Connecticut’s state medical examiner has requested a full genetic analysis of mass killer Adam Lanza, who shot 20 children, 6 school staff, his mother and himself in Newtown in December. At first glance, it is easy to understand why. Confronted with such senseless violence, it is human nature to seek solace in scientific explanations. After John Wayne Gacy was executed in 1994 for the murder of 33 young men and boys, his brain was preserved and examined for clues to what made him a monster. More than 80 years ago, scientists reportedly studied the brain of serial killer Peter Kürten, the ‘vampire of Dusseldorf’, who was executed in 1931.

This quest to understand endures as technology advances. Now, instead of looking at cranial folds and frontal lobes for clues to the massacre, geneticists at the University of Connecticut in Farmington will scour Lanza’s genes. On its own, this hunt will be about as informative as studies of the brains of murderers: not very.

The Connecticut scientists will not talk about the job they have been handed. It is not clear what they will find, or even what they should look for. Suspend disbelief for a moment and pretend that a ‘mass-shooter gene’ exists — something that no serious geneticist believes — and scientists could still draw no conclusions from a single individual’s genome.

To be sure, many links and suggestions of links have been identified between genetics, mental illness and, to a lesser extent, violence. A study using Swedish registries (R. Kuja-Halkola et al. Dev. Psychopathol. 24, 739–753; 2012) found that children born to men older than 60 were more likely to be convicted of violent crimes than were those born to men aged 40–60 years, an observation that might be linked to increasing numbers of mutations in sperm as men age. Genetic risk factors have been identified for autism, depression and schizoid spectrum disorders, but they explain relatively little. People diagnosed with schizoid spectrum disorders are more likely to be convicted of violent crimes than are those with no such diagnosis, but the vast majority of people with mental illness do not commit crimes.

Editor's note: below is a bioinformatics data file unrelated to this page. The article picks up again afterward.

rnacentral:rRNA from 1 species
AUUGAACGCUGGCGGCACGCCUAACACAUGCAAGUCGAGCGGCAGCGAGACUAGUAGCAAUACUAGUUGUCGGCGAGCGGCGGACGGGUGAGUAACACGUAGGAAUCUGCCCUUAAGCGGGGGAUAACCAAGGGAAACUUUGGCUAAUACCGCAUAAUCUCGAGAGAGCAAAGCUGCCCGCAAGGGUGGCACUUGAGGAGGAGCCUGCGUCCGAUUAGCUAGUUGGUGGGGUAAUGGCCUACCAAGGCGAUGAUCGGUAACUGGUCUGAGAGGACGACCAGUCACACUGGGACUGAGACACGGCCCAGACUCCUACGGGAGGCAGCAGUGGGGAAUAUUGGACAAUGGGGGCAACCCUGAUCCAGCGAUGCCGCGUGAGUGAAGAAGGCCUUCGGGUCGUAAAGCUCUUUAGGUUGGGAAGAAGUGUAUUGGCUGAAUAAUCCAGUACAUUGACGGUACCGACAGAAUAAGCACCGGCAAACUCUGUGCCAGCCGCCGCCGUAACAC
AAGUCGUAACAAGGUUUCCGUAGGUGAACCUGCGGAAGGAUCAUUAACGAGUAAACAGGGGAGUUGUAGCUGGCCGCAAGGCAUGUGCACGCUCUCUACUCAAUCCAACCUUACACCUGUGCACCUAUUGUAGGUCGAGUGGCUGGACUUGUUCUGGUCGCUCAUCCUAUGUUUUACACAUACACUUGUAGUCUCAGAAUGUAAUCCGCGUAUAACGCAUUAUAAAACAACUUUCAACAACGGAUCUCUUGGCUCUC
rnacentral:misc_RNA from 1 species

Such associations hold only for groups. Many healthy people carry mutations associated with disease; many people with mental illness carry no known risk factors. Mass shooters are often young white men, yet very few young white men become mass shooters. There is no one-to-one relationship between genetics and mental health or between mental health and violence. Something as simple as a DNA sequence cannot explain anything as complex as behaviour.

But there is a dangerous tendency to oversimplify, especially in the wake of tragedy. If Lanza’s DNA reveals genetic variants — as it inevitably will — people who carry similar variants could be stigmatized, even if those variants are associated only with ear shape. If Lanza has genetic variants already associated with autism or depression, people with those diseases could come under suspicion as well.

This hunt will be about as informative as studies of the brains of murderers: not very.

The real risk here, and the real flaw in the Connecticut exercise, is that to identify a genetic variant is more straightforward — but arguably less informative — than to characterize the complex environment of the individual. Lanza’s DNA will be analysed not because it will be useful but because it can be analysed. The ease of DNA sequencing will lead to a dangerous temptation to focus on minor, even spurious, genetic correlations at the expense of non-genetic factors that are more influential.

Geneticists must explain — and in the wake of the Lanza move many already are — that the ability to sequence DNA is many steps removed from the ability to make that sequence meaningful. Many, if not most, mutations are meaningless outside narrow contexts. One of the most robust examples of a variant that has been linked to antisocial behaviour holds only for individuals who experience severe childhood trauma or abuse; those who do not face no greater risk of being antisocial than people without the variant. Less-studied risk factors presumably work the same way. Genetics matters only in the context of environment.

Research must go beyond the drive to unpick impulses to violence. It should consider the means to violence. On the day that Lanza entered Sandy Hook school armed with his mother’s guns, another deranged man entered Chenpeng Village school in China’s Henan province armed with a knife. Horrific as that attack was, no one was killed. Yet research on how to reduce gun violence in the United States has been hampered by pro-gun lobbyists and politicians, who have reduced the necessary funding and record-keeping for preventing injuries from firearms.

Sequencing Lanza’s DNA may bring benefits, but only if appropriate expectations are maintained. At best, such studies will prompt deeper interest and funding to figure out the biological and social factors that really harm. At worst, they will stigmatize those with mental illnesses and distract scientists from more-important questions.